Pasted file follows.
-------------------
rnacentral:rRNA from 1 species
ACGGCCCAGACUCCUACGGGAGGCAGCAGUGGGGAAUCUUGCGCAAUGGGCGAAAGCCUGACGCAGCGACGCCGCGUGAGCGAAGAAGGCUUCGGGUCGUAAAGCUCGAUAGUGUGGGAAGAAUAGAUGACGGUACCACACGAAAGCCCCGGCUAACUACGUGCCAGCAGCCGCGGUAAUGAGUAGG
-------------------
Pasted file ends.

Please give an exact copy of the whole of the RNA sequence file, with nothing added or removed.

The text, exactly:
rnacentral:rRNA from 1 species
ACGGCCCAGACUCCUACGGGAGGCAGCAGUGGGGAAUCUUGCGCAAUGGGCGAAAGCCUGACGCAGCGACGCCGCGUGAGCGAAGAAGGCUUCGGGUCGUAAAGCUCGAUAGUGUGGGAAGAAUAGAUGACGGUACCACACGAAAGCCCCGGCUAACUACGUGCCAGCAGCCGCGGUAAUGAGUAGG